Augmented Reality (AR) has become a hot topic in marketing conversations. Advertising opportunities with AR are worth $1.09bn already. Brands are dreaming of hype and virality similar to apps like Pokemon GO.
If you are an agency or brand marketer, you probably thought it is great moment to look into Augmented Reality experiences. But which are the best tips for Augmented Reality Marketing campaigns in order for them to stand out, engage users and drive revenue?
Tips for Augmented Reality Marketing: a billion dollar market
Marketers are usually among the first to adopt new technologies. Finding new ways to delight and attract customers is key to their success. No wonder that Augmented Reality tech also piqued their interest.
The global Augmented Reality market for marketing & advertising is now worth more than $1.09 billion. That is actually almost twice the value of other applications of AR, such as gaming.
Does that sound surprising? After all, we all remember that summer fling we had with Pikachu.
Yet the numbers don’t lie. There’s a lot of money in integrating Augmented Reality —and related solutions, such as image recognition— into your agency’s marketing tech arsenal.
When done right, Augmented Reality can help you create effective, interactive digital experiences and promotional campaigns for your clients that drive engagement. (See some successful advertising campaigns with AR here.)
Advice to agencies when planning an Augmented Reality campaign
Some agencies are already living and breathing AR. Others may have just started looking into the opportunities. We want to help those agencies and marketers who are new to this tech.
What you will learn:
- Useful tips for Augmented Reality Marketing
- What to keep in mind before planning or pitching a concept to a client
- Some general dos and don’ts
- Great examples of AR campaigns done right
Tip #1: Carefully consider your options before picking the right tech
Some people might be tempted to buy a hip convertible when what they actually would need is a practical family van. As Augmented Reality sneaks into marketing conversations, clients will probably start knocking on your door asking for you to build the “next Pokémon GO” and stuff it with dozens of fancy features, hoping that it will “go viral” overnight.
Don’t pick a technology like AR just to jump on the bandwagon.
Always look into the potential alternatives before pitching or choosing a specific solution. There are lots of options out there. For example, tech like image recognition and AR are brothers and sisters, but they may serve different use cases.
For example, image recognition lets you create a campaign where your clients’ customers can scan a product package to go to the brand’s website to see reviews or videos. Or, you can create interactive ads in magazines, leading to purchase pages.
How is that different from AR? When a user scans an image with their phone, Augmented Reality superimposes the digital content (3D models, buttons, etc.) onto the camera image of the real-world object.
Therefore, Augmented Reality adds to the experience whenever it is actually important to see the content as part of the environment.
Think experiences like IKEA’s famous catalog app that let you try how a couch would fit into your living room.
Or the clever outdoor campaign by National Health Service UK, where users could see the effect of blood donation by pointing the phone at their skin.
Of course, the same goes for combining your experience with additional functionalities, such as geolocation, optical character recognition to understand texts, barcode scanning, etc.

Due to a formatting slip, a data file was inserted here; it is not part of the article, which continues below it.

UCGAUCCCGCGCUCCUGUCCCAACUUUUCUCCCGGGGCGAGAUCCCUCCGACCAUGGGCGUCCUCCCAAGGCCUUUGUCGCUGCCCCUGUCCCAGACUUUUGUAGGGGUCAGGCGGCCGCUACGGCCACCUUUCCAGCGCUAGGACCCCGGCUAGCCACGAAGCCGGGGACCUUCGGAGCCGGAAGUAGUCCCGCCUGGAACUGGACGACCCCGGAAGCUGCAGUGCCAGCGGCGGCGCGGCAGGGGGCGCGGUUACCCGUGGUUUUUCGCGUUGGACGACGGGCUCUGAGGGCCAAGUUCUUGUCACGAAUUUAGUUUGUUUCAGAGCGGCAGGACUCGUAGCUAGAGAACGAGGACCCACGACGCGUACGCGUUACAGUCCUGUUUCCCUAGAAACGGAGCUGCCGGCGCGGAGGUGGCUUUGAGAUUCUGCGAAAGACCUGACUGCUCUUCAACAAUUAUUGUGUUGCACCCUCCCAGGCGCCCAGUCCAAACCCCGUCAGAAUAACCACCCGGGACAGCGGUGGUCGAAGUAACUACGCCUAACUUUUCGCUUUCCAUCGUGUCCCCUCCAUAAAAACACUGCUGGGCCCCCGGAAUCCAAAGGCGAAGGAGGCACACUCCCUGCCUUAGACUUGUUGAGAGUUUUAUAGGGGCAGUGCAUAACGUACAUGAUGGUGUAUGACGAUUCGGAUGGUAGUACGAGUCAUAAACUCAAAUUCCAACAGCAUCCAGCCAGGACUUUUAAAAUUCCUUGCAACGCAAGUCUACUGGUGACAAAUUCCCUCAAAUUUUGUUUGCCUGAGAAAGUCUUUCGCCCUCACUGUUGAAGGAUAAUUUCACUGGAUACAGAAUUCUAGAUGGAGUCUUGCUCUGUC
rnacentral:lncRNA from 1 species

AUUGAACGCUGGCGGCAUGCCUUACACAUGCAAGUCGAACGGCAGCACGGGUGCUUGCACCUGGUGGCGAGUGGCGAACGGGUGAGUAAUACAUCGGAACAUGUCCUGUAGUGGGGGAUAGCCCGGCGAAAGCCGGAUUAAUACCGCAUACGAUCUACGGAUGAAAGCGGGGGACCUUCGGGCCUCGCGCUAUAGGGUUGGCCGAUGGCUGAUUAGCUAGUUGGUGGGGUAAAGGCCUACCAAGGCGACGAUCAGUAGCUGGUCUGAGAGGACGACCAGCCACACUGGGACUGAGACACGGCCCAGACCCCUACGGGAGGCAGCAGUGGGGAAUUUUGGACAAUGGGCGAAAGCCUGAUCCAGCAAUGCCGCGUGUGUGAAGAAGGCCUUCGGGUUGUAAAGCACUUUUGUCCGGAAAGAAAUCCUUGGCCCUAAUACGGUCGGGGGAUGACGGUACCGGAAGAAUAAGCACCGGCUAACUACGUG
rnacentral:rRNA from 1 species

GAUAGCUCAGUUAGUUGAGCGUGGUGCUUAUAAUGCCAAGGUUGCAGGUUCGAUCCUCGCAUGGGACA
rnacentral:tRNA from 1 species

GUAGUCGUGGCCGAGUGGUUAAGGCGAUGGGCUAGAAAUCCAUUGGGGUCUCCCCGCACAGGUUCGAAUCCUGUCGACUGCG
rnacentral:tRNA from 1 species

Always think about the holistic customer experience at first and what purpose it would actually serve, before stuffing it with features.
Tip #2: Focus on a simple, straightforward concept
One clever idea can make the experience more memorable, without forcing the users to think too much. THese are very important tips for augmented reality marketing campaigns.
See the example of Mandiri with WWF. They created a simple gamified experience for the bank’s clients with Augmented Reality.
Imagine a family sitting down at home after lunch. The family points a tablet or phone at mom or dad’s bank card to launch a fun branded game. They can feed virtual rhinos, similar to taking care of your long-lost ‘tamagotchi’, and make donations while enjoying the game.
The campaign did not try to overcomplicate things or send people on a week-long quest. It was meant to provide a simple, fun way to bring a global issue closer to people and create a way of monetization without being perceived as pushy.
Tip #3: Give proper instructions and call-to-actions
When done right, Augmented Reality experiences and scanning apps trigger an ‘Aha!’ moment.
Have you watched campaign videos featuring people who see AR for the first time? Their faces light up as if someone just got them a huge box of donuts for their birthday.
Just look at Lewis from Unbox Therapy watching his photo come to life with Prynt for the first time, and you’ll get what we mean:
But you need to guide your audience to that moment, and if your target customers are less tech-savvy, they might need extra help.
If you take a careful look, agencies typically include instructions on their campaign collaterals, even when it comes to ‘controlled’ environments such as a shopping mall.
See the text on the banner where people had to stand to see animals walking around them in National Geographic’s famous gig.
When it comes to scanning product packaging, print material or magazines, users are on their own. Therefore, it is even more important to guide them and pique their interest.
You can mention the campaign in communication channels, and/or include a clear call-to-action. Glamour magazine used tiny icons and messages to encourage people to scan apparel photos to visit the brands’ online stores.
Tip #4: Try to make the Augmented Reality experience useful, not just fun
Please bear in mind that being ‘fun’ is not always enough to succeed. Tips for Augmented Reality Marketing to be successful include steering away from being perceived as ‘gimmicky’.